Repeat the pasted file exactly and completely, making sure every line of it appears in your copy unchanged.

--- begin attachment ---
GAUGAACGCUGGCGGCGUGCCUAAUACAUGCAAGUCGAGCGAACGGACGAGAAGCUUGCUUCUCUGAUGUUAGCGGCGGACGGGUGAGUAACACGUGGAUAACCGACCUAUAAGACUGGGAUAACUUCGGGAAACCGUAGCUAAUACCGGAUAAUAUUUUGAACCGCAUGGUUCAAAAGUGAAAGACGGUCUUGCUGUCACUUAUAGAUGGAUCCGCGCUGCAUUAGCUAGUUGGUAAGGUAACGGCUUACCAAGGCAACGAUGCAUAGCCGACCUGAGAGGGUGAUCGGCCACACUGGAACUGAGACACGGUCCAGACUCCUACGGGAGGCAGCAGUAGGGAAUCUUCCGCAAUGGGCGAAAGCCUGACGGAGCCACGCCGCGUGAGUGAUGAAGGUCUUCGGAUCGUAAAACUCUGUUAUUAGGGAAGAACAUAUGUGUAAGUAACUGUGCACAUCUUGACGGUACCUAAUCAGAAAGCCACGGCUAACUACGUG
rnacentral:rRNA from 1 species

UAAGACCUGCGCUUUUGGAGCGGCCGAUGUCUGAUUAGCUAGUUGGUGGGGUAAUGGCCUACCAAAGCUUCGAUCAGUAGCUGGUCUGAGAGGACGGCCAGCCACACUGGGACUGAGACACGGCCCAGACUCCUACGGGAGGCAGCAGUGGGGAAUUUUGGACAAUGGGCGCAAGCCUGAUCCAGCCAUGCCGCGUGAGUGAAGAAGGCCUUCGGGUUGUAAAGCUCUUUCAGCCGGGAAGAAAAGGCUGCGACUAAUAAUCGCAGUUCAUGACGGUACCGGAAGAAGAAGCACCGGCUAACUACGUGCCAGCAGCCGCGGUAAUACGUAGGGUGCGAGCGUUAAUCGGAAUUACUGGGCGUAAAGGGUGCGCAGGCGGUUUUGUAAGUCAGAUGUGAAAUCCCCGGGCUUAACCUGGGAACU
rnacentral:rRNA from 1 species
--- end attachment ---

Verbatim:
GAUGAACGCUGGCGGCGUGCCUAAUACAUGCAAGUCGAGCGAACGGACGAGAAGCUUGCUUCUCUGAUGUUAGCGGCGGACGGGUGAGUAACACGUGGAUAACCGACCUAUAAGACUGGGAUAACUUCGGGAAACCGUAGCUAAUACCGGAUAAUAUUUUGAACCGCAUGGUUCAAAAGUGAAAGACGGUCUUGCUGUCACUUAUAGAUGGAUCCGCGCUGCAUUAGCUAGUUGGUAAGGUAACGGCUUACCAAGGCAACGAUGCAUAGCCGACCUGAGAGGGUGAUCGGCCACACUGGAACUGAGACACGGUCCAGACUCCUACGGGAGGCAGCAGUAGGGAAUCUUCCGCAAUGGGCGAAAGCCUGACGGAGCCACGCCGCGUGAGUGAUGAAGGUCUUCGGAUCGUAAAACUCUGUUAUUAGGGAAGAACAUAUGUGUAAGUAACUGUGCACAUCUUGACGGUACCUAAUCAGAAAGCCACGGCUAACUACGUG
rnacentral:rRNA from 1 species

UAAGACCUGCGCUUUUGGAGCGGCCGAUGUCUGAUUAGCUAGUUGGUGGGGUAAUGGCCUACCAAAGCUUCGAUCAGUAGCUGGUCUGAGAGGACGGCCAGCCACACUGGGACUGAGACACGGCCCAGACUCCUACGGGAGGCAGCAGUGGGGAAUUUUGGACAAUGGGCGCAAGCCUGAUCCAGCCAUGCCGCGUGAGUGAAGAAGGCCUUCGGGUUGUAAAGCUCUUUCAGCCGGGAAGAAAAGGCUGCGACUAAUAAUCGCAGUUCAUGACGGUACCGGAAGAAGAAGCACCGGCUAACUACGUGCCAGCAGCCGCGGUAAUACGUAGGGUGCGAGCGUUAAUCGGAAUUACUGGGCGUAAAGGGUGCGCAGGCGGUUUUGUAAGUCAGAUGUGAAAUCCCCGGGCUUAACCUGGGAACU
rnacentral:rRNA from 1 species